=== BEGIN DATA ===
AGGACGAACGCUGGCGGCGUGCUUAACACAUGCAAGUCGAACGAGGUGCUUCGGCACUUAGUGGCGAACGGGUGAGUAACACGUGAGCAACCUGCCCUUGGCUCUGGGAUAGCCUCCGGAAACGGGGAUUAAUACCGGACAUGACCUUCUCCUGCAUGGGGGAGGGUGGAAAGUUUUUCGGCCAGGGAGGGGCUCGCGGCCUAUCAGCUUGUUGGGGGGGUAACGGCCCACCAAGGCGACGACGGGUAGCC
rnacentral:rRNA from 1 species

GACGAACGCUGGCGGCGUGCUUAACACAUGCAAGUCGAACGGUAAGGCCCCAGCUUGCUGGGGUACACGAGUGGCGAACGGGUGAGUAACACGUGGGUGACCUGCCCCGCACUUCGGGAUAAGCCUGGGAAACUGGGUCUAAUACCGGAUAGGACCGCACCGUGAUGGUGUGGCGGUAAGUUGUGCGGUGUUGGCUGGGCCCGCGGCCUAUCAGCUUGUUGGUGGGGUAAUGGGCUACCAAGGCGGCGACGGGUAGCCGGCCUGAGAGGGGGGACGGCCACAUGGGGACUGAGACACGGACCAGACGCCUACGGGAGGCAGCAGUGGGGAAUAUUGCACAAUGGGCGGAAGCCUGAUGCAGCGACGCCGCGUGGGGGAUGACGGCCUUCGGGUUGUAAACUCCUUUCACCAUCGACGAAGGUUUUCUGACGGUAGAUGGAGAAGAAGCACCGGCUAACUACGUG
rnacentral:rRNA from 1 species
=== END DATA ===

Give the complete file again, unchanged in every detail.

AGGACGAACGCUGGCGGCGUGCUUAACACAUGCAAGUCGAACGAGGUGCUUCGGCACUUAGUGGCGAACGGGUGAGUAACACGUGAGCAACCUGCCCUUGGCUCUGGGAUAGCCUCCGGAAACGGGGAUUAAUACCGGACAUGACCUUCUCCUGCAUGGGGGAGGGUGGAAAGUUUUUCGGCCAGGGAGGGGCUCGCGGCCUAUCAGCUUGUUGGGGGGGUAACGGCCCACCAAGGCGACGACGGGUAGCC
rnacentral:rRNA from 1 species

GACGAACGCUGGCGGCGUGCUUAACACAUGCAAGUCGAACGGUAAGGCCCCAGCUUGCUGGGGUACACGAGUGGCGAACGGGUGAGUAACACGUGGGUGACCUGCCCCGCACUUCGGGAUAAGCCUGGGAAACUGGGUCUAAUACCGGAUAGGACCGCACCGUGAUGGUGUGGCGGUAAGUUGUGCGGUGUUGGCUGGGCCCGCGGCCUAUCAGCUUGUUGGUGGGGUAAUGGGCUACCAAGGCGGCGACGGGUAGCCGGCCUGAGAGGGGGGACGGCCACAUGGGGACUGAGACACGGACCAGACGCCUACGGGAGGCAGCAGUGGGGAAUAUUGCACAAUGGGCGGAAGCCUGAUGCAGCGACGCCGCGUGGGGGAUGACGGCCUUCGGGUUGUAAACUCCUUUCACCAUCGACGAAGGUUUUCUGACGGUAGAUGGAGAAGAAGCACCGGCUAACUACGUG
rnacentral:rRNA from 1 species